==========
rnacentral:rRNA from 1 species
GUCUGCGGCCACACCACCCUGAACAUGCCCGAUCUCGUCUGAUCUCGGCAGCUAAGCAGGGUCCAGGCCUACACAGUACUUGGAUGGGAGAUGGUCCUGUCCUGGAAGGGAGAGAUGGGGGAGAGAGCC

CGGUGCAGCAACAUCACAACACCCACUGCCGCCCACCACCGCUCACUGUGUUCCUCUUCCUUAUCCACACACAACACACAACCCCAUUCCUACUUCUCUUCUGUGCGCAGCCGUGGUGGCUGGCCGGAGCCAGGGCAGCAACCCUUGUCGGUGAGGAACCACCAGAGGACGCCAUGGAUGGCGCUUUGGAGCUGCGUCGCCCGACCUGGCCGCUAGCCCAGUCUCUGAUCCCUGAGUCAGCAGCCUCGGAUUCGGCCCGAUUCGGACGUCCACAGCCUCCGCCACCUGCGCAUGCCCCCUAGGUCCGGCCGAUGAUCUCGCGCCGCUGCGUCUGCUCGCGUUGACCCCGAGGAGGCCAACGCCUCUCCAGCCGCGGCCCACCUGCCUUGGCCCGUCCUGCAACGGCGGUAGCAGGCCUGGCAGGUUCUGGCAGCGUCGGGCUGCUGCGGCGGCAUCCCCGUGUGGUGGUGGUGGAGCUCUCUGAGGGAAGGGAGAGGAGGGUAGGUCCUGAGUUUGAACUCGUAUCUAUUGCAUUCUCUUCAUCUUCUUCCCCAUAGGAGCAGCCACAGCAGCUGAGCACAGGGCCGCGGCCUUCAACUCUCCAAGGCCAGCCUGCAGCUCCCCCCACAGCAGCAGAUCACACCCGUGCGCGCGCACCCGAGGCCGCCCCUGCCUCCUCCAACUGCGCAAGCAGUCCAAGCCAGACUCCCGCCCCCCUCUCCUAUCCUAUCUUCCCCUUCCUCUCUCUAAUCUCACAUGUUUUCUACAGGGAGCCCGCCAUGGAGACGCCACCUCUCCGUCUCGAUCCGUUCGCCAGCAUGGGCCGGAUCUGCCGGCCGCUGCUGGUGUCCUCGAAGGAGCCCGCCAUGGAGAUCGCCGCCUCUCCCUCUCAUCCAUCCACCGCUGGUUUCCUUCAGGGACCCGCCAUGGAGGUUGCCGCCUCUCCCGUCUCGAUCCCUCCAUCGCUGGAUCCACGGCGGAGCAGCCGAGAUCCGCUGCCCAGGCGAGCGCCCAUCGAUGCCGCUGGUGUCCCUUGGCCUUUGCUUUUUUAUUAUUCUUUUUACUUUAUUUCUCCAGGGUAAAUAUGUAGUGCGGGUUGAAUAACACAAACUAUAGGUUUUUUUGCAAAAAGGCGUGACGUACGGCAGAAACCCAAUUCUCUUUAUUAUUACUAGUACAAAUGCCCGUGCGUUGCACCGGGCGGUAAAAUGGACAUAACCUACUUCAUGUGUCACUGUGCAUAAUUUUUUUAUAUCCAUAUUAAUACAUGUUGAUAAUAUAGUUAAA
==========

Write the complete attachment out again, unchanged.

rnacentral:rRNA from 1 species
GUCUGCGGCCACACCACCCUGAACAUGCCCGAUCUCGUCUGAUCUCGGCAGCUAAGCAGGGUCCAGGCCUACACAGUACUUGGAUGGGAGAUGGUCCUGUCCUGGAAGGGAGAGAUGGGGGAGAGAGCC

CGGUGCAGCAACAUCACAACACCCACUGCCGCCCACCACCGCUCACUGUGUUCCUCUUCCUUAUCCACACACAACACACAACCCCAUUCCUACUUCUCUUCUGUGCGCAGCCGUGGUGGCUGGCCGGAGCCAGGGCAGCAACCCUUGUCGGUGAGGAACCACCAGAGGACGCCAUGGAUGGCGCUUUGGAGCUGCGUCGCCCGACCUGGCCGCUAGCCCAGUCUCUGAUCCCUGAGUCAGCAGCCUCGGAUUCGGCCCGAUUCGGACGUCCACAGCCUCCGCCACCUGCGCAUGCCCCCUAGGUCCGGCCGAUGAUCUCGCGCCGCUGCGUCUGCUCGCGUUGACCCCGAGGAGGCCAACGCCUCUCCAGCCGCGGCCCACCUGCCUUGGCCCGUCCUGCAACGGCGGUAGCAGGCCUGGCAGGUUCUGGCAGCGUCGGGCUGCUGCGGCGGCAUCCCCGUGUGGUGGUGGUGGAGCUCUCUGAGGGAAGGGAGAGGAGGGUAGGUCCUGAGUUUGAACUCGUAUCUAUUGCAUUCUCUUCAUCUUCUUCCCCAUAGGAGCAGCCACAGCAGCUGAGCACAGGGCCGCGGCCUUCAACUCUCCAAGGCCAGCCUGCAGCUCCCCCCACAGCAGCAGAUCACACCCGUGCGCGCGCACCCGAGGCCGCCCCUGCCUCCUCCAACUGCGCAAGCAGUCCAAGCCAGACUCCCGCCCCCCUCUCCUAUCCUAUCUUCCCCUUCCUCUCUCUAAUCUCACAUGUUUUCUACAGGGAGCCCGCCAUGGAGACGCCACCUCUCCGUCUCGAUCCGUUCGCCAGCAUGGGCCGGAUCUGCCGGCCGCUGCUGGUGUCCUCGAAGGAGCCCGCCAUGGAGAUCGCCGCCUCUCCCUCUCAUCCAUCCACCGCUGGUUUCCUUCAGGGACCCGCCAUGGAGGUUGCCGCCUCUCCCGUCUCGAUCCCUCCAUCGCUGGAUCCACGGCGGAGCAGCCGAGAUCCGCUGCCCAGGCGAGCGCCCAUCGAUGCCGCUGGUGUCCCUUGGCCUUUGCUUUUUUAUUAUUCUUUUUACUUUAUUUCUCCAGGGUAAAUAUGUAGUGCGGGUUGAAUAACACAAACUAUAGGUUUUUUUGCAAAAAGGCGUGACGUACGGCAGAAACCCAAUUCUCUUUAUUAUUACUAGUACAAAUGCCCGUGCGUUGCACCGGGCGGUAAAAUGGACAUAACCUACUUCAUGUGUCACUGUGCAUAAUUUUUUUAUAUCCAUAUUAAUACAUGUUGAUAAUAUAGUUAAA